“I’ve been doing this for 20 years and I have relationships all the way down to Tierra del Fuego, and I usually have two law firms per country, for questions of conflict, and that way I can cover all of my clients’ needs, and put my clients in their hands, and the law firms respect that and there is a reciprocity of that philosophy.” “That’s why I decided to take this jump. And you know that they say, ‘it’s better to be lucky than good’. Those firms down there, the competitors I have, are going through a hard time right now, they’re not producing anything, and they can’t fire people because of the labour laws, you can’t just declare bankruptcy because there are no bankruptcy laws, and they are having serious issues maintaining their business. But Polsinelli’s overheads in Latin America are just two words: Emil Infante.”

“For the last 10 years we’ve been in an economic boom, but we’ve seen 9/11 and then 2008, we’ve seen ups and downs, but with this crisis globalisation will continue, but it definitely centralises professional services at a local level much more than before, and the reliance on local-level service providers will be significant,” Infante says.

“I think my timing was impeccable. This philosophy, and with Polsinelli backing me, is exactly the right philosophy going forward.” “I’m not an isolationist, I believe in globalisation, but globalisation has to have its limits and you have to take care of your own people, economically and socially, and my model follows that, and it feels good, to wake up in the morning and know that what you are doing is benefiting not only you but those that you care about. Karma, baby. Sí señor.”


Latin America is bracing for a serious recession as it emerges from the lockdown imposed during the COVID-19 pandemic, and Infante is realistic and philosophical when it comes to predicting how companies in the region will be forced to restructure to recover.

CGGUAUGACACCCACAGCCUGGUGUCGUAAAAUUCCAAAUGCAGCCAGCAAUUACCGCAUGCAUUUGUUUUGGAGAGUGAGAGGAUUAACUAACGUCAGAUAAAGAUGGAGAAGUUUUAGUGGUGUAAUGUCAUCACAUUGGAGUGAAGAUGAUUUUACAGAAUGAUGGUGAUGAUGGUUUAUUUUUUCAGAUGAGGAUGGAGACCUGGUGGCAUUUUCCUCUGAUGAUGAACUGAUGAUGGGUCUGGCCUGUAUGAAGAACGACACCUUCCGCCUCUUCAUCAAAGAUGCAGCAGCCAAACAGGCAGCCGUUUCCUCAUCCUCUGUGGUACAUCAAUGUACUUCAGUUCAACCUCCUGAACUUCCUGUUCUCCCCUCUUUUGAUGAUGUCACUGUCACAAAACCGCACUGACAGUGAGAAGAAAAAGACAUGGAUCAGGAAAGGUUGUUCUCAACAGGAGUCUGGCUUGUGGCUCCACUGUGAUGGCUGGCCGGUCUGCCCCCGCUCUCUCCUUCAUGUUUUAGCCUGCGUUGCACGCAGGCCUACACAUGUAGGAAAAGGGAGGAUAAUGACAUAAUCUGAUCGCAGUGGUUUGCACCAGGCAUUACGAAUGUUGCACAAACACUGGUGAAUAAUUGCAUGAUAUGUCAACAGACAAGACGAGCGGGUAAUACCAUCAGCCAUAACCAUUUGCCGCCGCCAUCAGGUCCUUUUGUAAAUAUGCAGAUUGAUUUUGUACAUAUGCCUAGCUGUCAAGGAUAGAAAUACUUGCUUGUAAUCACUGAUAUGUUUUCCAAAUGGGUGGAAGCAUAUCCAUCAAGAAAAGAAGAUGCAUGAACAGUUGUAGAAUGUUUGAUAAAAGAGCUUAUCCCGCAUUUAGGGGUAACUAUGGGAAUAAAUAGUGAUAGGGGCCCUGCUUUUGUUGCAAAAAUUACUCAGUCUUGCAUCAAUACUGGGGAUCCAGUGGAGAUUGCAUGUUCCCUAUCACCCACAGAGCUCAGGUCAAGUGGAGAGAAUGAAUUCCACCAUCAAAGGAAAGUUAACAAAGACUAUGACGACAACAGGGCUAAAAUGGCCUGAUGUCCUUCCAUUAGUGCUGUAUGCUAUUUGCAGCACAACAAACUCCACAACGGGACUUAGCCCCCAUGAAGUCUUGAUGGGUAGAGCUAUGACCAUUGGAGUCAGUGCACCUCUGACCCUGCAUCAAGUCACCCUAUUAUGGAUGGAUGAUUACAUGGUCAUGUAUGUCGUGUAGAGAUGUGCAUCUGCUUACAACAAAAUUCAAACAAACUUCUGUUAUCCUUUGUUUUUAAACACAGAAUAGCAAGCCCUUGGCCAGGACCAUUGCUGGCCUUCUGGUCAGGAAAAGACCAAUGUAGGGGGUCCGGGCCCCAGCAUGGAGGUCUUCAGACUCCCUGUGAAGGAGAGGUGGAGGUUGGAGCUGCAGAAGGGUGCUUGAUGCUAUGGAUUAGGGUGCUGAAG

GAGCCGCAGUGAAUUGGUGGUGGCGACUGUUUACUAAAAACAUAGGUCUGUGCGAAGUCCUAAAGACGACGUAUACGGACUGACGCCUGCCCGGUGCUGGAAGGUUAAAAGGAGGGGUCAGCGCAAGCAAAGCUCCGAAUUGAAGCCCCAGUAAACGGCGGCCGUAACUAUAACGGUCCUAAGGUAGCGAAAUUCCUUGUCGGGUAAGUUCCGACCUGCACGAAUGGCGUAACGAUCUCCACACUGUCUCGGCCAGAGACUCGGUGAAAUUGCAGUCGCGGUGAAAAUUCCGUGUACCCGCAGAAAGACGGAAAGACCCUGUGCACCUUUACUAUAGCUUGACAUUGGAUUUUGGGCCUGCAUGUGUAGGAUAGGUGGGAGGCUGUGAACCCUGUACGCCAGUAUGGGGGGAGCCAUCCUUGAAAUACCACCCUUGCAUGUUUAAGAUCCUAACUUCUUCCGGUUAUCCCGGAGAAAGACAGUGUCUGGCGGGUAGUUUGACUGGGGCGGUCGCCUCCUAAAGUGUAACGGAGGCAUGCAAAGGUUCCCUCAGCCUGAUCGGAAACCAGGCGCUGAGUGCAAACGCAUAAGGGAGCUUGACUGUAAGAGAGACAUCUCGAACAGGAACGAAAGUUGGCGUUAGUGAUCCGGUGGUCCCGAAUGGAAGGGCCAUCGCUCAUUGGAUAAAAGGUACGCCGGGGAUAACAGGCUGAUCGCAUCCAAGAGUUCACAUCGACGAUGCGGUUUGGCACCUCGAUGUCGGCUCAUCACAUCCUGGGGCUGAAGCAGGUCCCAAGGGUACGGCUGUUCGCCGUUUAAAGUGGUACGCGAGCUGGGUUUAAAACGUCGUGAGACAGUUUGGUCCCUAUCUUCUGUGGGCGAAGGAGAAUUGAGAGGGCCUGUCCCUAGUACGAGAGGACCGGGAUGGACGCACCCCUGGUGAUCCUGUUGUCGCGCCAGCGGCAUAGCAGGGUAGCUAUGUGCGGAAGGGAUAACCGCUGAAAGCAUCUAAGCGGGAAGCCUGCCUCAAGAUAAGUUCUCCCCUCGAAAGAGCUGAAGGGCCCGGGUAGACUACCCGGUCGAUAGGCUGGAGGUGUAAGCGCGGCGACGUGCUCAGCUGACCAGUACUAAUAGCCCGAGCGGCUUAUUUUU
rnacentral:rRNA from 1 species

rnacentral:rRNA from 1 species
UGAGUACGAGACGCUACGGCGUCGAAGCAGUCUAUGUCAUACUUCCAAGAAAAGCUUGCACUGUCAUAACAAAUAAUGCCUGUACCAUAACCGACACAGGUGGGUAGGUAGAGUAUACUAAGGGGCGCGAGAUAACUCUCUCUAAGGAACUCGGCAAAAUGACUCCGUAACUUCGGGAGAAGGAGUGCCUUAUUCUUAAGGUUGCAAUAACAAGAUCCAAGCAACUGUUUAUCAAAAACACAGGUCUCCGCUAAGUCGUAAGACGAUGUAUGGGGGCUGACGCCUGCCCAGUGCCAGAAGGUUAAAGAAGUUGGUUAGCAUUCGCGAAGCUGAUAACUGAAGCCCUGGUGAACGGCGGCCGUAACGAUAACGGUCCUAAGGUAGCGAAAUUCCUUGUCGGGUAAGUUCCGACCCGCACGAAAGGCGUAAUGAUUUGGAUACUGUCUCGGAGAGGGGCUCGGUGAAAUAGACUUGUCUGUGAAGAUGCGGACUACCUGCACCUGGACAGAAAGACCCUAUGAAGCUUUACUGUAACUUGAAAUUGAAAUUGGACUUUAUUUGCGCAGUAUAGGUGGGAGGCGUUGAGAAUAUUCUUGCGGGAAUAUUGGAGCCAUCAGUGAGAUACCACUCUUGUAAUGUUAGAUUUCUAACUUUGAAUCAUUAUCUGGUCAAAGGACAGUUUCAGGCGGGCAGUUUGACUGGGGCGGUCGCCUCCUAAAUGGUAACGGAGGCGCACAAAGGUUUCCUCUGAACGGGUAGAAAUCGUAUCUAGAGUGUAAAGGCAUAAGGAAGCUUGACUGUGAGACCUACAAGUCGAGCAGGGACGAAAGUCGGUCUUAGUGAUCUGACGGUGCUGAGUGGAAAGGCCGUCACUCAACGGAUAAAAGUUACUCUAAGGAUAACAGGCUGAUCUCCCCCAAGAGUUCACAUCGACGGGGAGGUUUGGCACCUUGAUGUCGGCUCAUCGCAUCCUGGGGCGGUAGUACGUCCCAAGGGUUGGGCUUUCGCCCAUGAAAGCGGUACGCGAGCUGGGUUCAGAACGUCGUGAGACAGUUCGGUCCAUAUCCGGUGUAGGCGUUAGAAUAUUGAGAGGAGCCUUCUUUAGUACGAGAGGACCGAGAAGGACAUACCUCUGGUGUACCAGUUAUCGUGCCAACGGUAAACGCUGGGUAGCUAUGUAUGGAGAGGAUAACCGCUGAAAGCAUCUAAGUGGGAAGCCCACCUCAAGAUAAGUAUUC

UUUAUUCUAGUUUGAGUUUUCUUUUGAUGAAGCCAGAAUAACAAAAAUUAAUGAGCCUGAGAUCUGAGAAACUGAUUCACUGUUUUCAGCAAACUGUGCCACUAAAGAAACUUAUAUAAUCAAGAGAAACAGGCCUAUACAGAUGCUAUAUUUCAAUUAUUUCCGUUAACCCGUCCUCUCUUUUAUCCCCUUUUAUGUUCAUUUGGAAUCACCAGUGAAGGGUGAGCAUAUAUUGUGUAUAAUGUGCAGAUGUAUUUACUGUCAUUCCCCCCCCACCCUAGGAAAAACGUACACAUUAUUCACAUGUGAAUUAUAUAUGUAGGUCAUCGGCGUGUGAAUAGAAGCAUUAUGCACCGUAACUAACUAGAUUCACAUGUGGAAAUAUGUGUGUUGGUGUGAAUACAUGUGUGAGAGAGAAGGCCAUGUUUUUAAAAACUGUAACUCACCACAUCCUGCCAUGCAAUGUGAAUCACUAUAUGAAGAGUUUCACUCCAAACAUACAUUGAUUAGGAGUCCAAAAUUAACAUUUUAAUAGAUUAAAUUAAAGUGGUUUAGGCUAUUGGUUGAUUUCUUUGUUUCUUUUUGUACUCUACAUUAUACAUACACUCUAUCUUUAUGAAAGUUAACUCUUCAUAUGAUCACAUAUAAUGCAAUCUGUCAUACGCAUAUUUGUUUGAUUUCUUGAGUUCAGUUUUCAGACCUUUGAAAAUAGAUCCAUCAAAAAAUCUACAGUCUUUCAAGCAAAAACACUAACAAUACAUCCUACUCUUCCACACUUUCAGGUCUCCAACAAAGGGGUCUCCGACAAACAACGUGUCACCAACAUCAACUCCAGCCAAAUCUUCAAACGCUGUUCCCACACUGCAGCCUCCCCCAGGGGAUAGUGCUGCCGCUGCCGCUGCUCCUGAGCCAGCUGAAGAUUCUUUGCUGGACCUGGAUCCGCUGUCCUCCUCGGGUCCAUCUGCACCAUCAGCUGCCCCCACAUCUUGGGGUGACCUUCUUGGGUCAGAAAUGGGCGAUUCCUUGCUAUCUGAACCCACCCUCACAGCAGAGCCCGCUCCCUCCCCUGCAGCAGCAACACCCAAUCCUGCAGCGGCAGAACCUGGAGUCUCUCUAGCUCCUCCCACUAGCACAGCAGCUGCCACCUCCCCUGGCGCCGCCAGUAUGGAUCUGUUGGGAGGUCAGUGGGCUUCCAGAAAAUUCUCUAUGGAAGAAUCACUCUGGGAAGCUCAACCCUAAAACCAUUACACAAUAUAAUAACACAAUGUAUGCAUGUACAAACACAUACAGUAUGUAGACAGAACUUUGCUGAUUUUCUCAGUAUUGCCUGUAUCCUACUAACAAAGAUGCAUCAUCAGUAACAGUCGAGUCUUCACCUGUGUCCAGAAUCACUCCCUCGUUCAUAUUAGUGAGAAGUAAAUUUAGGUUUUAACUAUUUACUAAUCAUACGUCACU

“I think there will be a lot of activity, a lot of renegotiation of terms. Companies are saying, ‘wait a second, this is like nothing we’ve ever seen’. Companies will be looking to make deals survive, and that will turn into an adverse situation, I think we’ll see a negotiation process and there will be bankruptcies and a lot of litigation and arbitration between sovereigns and private parties.”

However, he is pessimistic about the actions being taken, or lack of, by the region’s governments to assist the private sector in overcoming the economic crisis that will ensue as a result of the pandemic.

“Chile has taken some significant steps, as it always does, as has Panama, although in Central America in general they have been extremely slow. But what scares me is that countries like Mexico are doing absolutely nothing, and it’s very sad to see governments taking advantage of a crisis to advance a political agenda, both on the right and on the left. It’s the private sector that drives an economy, and without taxes the government has nothing to fund its activities.”

“But I know a lot of people who are looking for money, and they will be willing to lend, so there will be big opportunities, even though the risks will be higher, and the returns will be good, although maybe not as high as before. Venture capital funds here in the US are licking their chops. The money’s there,” he says. 

“I think Colombia is doing a good job. They have brought together the business and social and health sides of things but without forgetting the private sector.”

“Mexico is also going to have problems because of the price of oil, and because the government will not help [national oil company] Pemex, and its bonds are just one stop off being junk. Maybe the president [Andrés Manuel López Obrador] wants Pemex to fail” he says.

“And I think Brazil is going to be a late bloomer in terms of the virus, in a bad way, they did not take any stringent measures against the virus, the president has done absolutely nothing to prevent it, and there will be some serious issues in Brazil that will restrict business for at least a year. Brazil is boom or bust, there’s no happy medium”.